If all these capabilities are in place, then this is a desirable option. The benefit is that categories become managed content. They can be versioned, they have permissions, and they have an entire editorial lifecycle attached to them. Additionally, they might now be URL addressable, so each category has a page where assignments can be listed.

Tagging

The basic model for categorization is also true for tagging. A tag, like a category, is a conceptual structure to which objects are assigned.

The difference in categories and tags lies mainly in editorial usage. Whereas categories are top down and planned in advance, tags are often bottom up, meaning editors can create them on-the-fly. Content objects might have an attribute for Tags and editors can enter a space- or comma-delimited list of whatever tags they want to apply.

An example of tagging from the Q&A site Stack Overflow. Tags are simply entered as tokens separated by spaces (spaces inside a tag need to be replaced with a hyphen).

Architecturally, a “tag” is often just a simple text string assigned to content. Finding all content “tagged” with the same thing usually just means finding all content with the same assigned text string. There is no “central authority” for tags – a tag has no idea if other content is assigned to it. At its core, a tag is simply a “target” you can specifically search for to find similar content.

The danger of the “loose-ness” of tagging is unchecked proliferation, which can happen because there’s no governing authority like there usually is for categories. What you call a “car”, I might call an “automobile”, and someone else might call a “vehicle”. Tags will be created without any consideration to whether a similarly appropriate tag exists. To avoid this, many tagging interfaces have type-ahead suggestions or a list of existing tags to pick from.

Tags are not normally hierarchical. Occasionally, you see systems that offer a “related tag” capability, or some form of specifying an alternate tag name, so that our aforementioned “car,” “automobile,” and “vehicle” can appear to be a single tag.

To fix prior mis-assignments, some systems offer tag merging, where all the assignments for Tag A can be combined with Tag B, and Tag A will henceforth become an alternate tag name for Tag B.

Menus, Lists, and Collections

Some systems have additional structural systems like menus, lists, and collections. The specifics differ, but they’re usually available for ad-hoc structuring and aggregation of content.

Menus tend to be hierarchical. They often include other web navigation-specific features, like labeling, to display something other than the content’s title, and hyperlink-specific functionality like whether to open the link in the same window or a new window (the target HTML attribute) and hover text (the title HTML attribute).

Lists and collections are usually just flat, ordered lists of content objects. These can be helpful for things like specifying a list of news articles on the home page, or a list of links for overhead, static navigation.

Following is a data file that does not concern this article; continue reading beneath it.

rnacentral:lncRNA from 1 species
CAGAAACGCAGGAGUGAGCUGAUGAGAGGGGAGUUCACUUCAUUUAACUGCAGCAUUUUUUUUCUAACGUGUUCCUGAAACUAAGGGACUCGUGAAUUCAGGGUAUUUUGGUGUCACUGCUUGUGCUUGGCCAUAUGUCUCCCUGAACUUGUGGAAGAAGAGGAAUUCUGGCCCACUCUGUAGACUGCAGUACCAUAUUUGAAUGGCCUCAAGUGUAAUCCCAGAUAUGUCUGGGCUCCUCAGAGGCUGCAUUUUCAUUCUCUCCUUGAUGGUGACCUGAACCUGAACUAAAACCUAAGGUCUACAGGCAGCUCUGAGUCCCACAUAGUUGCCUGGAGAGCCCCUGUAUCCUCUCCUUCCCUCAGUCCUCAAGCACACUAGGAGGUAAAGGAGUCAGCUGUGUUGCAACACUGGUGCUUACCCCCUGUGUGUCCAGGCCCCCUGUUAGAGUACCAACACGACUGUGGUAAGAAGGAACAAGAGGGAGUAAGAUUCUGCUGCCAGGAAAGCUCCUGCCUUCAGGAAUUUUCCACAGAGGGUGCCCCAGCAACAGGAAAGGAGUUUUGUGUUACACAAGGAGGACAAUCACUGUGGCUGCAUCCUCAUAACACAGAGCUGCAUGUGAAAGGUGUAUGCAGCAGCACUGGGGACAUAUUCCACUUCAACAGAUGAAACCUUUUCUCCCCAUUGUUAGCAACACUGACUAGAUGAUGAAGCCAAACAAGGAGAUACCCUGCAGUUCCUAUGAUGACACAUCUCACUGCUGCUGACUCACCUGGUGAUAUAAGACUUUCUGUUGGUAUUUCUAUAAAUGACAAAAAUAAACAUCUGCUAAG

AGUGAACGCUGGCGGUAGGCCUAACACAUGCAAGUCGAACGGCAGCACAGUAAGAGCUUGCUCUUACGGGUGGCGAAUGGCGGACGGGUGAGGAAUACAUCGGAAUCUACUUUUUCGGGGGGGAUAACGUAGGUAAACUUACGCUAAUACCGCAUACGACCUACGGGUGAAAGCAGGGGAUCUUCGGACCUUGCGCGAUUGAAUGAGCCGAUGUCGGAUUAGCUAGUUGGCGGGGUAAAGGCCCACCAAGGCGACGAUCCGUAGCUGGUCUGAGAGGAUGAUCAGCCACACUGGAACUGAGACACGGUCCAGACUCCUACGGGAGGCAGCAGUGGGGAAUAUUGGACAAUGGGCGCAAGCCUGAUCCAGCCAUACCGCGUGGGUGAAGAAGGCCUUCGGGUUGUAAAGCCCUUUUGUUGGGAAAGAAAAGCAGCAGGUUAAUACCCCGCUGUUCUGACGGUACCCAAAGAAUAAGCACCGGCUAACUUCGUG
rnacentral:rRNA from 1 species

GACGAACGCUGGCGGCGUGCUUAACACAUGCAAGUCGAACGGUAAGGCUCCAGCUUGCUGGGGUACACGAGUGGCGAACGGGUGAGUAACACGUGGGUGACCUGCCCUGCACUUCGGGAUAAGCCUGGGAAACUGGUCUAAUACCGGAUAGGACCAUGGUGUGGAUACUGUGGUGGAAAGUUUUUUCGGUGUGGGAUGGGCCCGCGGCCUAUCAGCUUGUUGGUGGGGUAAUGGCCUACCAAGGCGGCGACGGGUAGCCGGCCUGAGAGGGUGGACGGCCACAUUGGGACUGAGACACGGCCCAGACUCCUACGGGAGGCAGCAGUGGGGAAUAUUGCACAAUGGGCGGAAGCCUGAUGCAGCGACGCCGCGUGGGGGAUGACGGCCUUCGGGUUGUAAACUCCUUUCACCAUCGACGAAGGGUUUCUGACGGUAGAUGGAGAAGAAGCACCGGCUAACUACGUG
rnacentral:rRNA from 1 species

Generally, structures like these are external to the content – to assign content, you manage the structure and select the content to be assigned. Occasionally, some systems do allow assignment to a structure from the object itself.

A pattern of tree-based systems is often to simulate these structures as branches of the content tree. Combined with the pattern of “hiding” content by not creating it as descendants of the home page, and the feature of object references, it’s quite simple to designate a branch of the tree as a menu.

You could easily model a Menu Item type, with text attributes for Label Text and Hover Text, a checkbox for Open in New Window, and a referential attribute for Target Object (and even an optional External URL attribute for when you’re linking to an external site). You could create an extensive branch of these objects in the content tree, then traverse it to render navigation menus.

Aggregation structures like categories, tags, menus, and lists are the utility players of content modeling. They can be quick ways to group content for usage in ways that are completely idiosyncratic for a particular situation. It’s almost impossible to generalize their usage – they range from core categorization schemes, to one-off, ad-hoc content structures to populate content structures not able to be easily represented in other ways.

Evaluation Questions

  1. What aggregation structures exist to organize content? How do they differ from one another, and what is their intended usage?
  2. Does the system have built-in features for categorization or tagging, or both? If both, how do they differ? If not in the built-in model, do categorization or tagging attribute types exist?
  3. Can categories be organized into a tree?
  4. Can non-selectable “container” categories exist in the tree?
  5. Are their ways to specify implicit ancestral assignments within a category tree?
  6. How can the category tree be traversed and queried from the API?
  7. How does the tagging system help prevent unnecessary tag proliferation?

This is item #27 in a sequence of 35 items.